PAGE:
İyi günler! Thrust faults are fun!

SUZANNE DAVIS, Curator of Conservation

What do this Turkish phrase (“Good day!”) and thrust faults have in common? They are both things Carrie and I are learning right now. She is studying geology and I’m taking Turkish 101.

One of the best things about conservation is that you’re always learning something new. You might think these things would always be about chemistry, or other conservation-specific kinds of info, but you’d be wrong. I’m studying Turkish — following on 1.5 years of Arabic — to be able to communicate better with colleagues and community members at the Kelsey’s field projects. Carrie, who’s our stone conservation guru, wants to understand stone building fabrics better.

Did you know that flashy flow (vs. continuous flow) is something you get from steep river gradients? Or that you can have mature and immature sediment? Well, now you do.

Turkish is a member of the Ural-Altaic linguistic family, and it’s agglutinative (just like Klingon, according to Wikipedia). In Turkish, you stick little word parts (or morphemes) onto the ends of words, and these suffixes indicate things like person, case, tense, etc. Did you know that Turkish has no grammatical gender? That’s right, folks — no she or he, no him or her. I LOVE THIS SO MUCH. If you’ve ever studied a Romance language (or German or Arabic, for that matter) think about this lack of gender for a moment and you, too, might begin to feel my love. No gender agreement necessary. Ever.

Carrie and I are happy to be in a discipline and at an institution where learning is valued and supported. At a time when many of us are feeling upset from the long and divisive presidential campaign, here’s our advice to you: distract yourself! It’s a great time to start fresh and learn something new.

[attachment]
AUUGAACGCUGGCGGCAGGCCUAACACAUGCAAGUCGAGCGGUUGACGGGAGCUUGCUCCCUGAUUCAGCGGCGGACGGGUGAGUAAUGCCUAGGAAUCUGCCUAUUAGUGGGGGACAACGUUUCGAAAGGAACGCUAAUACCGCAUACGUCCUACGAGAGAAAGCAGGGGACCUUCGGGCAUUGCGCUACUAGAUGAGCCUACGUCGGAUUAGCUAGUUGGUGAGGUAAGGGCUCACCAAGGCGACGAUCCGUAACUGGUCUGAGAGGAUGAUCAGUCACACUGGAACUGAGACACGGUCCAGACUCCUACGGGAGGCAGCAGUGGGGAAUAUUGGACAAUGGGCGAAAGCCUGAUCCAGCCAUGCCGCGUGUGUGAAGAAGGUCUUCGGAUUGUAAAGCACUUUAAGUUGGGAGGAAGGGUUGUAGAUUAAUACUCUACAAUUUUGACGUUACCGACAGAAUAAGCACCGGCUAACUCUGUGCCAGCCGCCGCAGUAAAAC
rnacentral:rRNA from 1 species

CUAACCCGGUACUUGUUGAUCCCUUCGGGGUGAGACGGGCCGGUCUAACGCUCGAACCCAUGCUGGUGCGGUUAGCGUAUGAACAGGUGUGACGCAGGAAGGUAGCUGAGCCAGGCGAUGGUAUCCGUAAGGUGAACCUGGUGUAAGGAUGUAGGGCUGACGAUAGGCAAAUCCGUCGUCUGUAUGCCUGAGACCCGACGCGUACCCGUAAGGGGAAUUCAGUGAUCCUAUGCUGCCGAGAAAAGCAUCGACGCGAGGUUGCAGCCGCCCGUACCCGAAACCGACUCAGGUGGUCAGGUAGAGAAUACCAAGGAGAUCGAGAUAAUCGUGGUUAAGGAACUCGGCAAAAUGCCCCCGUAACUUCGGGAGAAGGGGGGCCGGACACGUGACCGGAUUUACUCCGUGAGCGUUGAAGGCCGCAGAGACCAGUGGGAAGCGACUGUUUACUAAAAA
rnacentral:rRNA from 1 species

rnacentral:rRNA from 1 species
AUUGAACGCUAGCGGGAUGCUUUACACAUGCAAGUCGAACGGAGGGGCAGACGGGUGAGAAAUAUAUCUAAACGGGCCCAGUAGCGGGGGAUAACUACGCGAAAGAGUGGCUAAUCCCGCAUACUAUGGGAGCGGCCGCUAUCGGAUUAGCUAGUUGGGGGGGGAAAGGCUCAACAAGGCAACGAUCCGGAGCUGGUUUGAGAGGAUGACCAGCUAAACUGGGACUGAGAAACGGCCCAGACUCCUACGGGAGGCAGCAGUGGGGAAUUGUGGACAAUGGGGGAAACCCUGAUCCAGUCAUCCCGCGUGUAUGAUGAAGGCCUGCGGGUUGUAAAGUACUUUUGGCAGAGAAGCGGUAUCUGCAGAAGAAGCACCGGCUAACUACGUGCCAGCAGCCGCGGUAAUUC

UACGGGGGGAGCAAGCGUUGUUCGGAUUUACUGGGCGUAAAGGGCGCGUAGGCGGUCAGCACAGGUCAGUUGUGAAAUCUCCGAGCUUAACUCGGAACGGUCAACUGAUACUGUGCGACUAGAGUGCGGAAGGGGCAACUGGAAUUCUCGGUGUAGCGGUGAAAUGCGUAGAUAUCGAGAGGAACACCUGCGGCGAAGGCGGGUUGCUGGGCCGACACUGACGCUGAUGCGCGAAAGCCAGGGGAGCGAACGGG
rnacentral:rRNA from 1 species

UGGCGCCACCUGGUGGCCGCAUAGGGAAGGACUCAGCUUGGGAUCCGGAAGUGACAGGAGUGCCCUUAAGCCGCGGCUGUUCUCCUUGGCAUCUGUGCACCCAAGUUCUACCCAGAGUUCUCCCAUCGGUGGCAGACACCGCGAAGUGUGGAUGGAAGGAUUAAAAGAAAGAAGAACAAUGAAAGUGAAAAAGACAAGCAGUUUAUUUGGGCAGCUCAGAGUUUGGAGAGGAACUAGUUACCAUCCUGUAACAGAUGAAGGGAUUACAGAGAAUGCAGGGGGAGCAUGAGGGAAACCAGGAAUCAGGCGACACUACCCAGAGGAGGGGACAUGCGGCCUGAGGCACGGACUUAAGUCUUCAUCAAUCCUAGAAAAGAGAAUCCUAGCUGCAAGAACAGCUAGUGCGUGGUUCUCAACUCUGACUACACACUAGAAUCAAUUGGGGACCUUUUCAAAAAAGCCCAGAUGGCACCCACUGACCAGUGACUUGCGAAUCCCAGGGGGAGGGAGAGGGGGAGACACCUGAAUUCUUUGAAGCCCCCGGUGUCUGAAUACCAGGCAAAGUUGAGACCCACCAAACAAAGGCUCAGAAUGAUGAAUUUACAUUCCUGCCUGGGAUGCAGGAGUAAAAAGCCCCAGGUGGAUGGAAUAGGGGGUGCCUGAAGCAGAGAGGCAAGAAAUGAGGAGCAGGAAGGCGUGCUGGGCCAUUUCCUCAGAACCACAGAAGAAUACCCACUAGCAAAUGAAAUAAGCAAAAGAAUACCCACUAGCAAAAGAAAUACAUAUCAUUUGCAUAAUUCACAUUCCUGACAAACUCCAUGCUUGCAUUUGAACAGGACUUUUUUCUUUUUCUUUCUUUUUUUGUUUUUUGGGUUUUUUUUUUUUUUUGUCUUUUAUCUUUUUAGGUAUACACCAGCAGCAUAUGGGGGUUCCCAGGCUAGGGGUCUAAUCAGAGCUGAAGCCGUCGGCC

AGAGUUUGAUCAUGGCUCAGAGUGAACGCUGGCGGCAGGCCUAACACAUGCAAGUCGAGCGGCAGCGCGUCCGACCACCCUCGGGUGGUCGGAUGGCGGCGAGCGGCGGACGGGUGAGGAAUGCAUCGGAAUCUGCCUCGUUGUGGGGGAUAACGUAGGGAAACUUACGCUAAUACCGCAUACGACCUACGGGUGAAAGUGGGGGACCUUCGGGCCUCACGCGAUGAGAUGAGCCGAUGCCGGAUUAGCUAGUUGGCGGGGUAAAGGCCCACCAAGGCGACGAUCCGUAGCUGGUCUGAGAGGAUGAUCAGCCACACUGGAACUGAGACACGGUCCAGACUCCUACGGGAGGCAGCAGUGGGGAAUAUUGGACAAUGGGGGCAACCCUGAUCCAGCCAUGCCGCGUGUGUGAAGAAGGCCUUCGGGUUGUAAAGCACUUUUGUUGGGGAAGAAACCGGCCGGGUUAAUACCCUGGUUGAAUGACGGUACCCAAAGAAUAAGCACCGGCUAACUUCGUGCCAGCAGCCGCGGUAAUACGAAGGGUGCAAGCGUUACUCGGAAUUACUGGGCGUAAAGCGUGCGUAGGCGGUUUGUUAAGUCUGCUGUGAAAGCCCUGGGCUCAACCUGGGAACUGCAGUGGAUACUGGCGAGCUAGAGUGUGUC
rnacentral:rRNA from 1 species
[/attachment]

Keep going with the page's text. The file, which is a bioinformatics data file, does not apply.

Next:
Ugly Object of the Month — November 2016


This month’s Ugly Object is a familiar character — assuming you know your Romano-Egyptian child deities. That’s right folks, Harpocrates is back. Only this time, he’s taken the form of a baby bust.

Terracotta bust of Harpocrates. KM 6461.

The bust was found in one of the ancient houses of Karanis in 1926, and I have to say, it’s really captured my fancy.  I love many things about this Harpocrates. First and foremost is that it’s a bust. You see a lot of marble portraits in this format, but it’s cool to see this miniaturized and translated into terracotta (very meta). I also love the shaved head with the intricate side lock (a Harpocrates signifier, but also — dare I say it? — very edgy!).  And finally, I love the face. To me it’s a curious cross between a sweet baby face and a wise old sage, not unlike the strange depictions of the baby Jesus we sometimes see in medieval panel paintings.

You can see this version of Harpocrates in The Art and Science of Healing starting February 10. I’m sorry to report that the colorful Harpocrates featured in October will not be going on display after all. But there will be many other fascinating artifacts on view, including medical manuscripts, amulets to ward off sciatica and stomachache, and more. Definitely come check it out!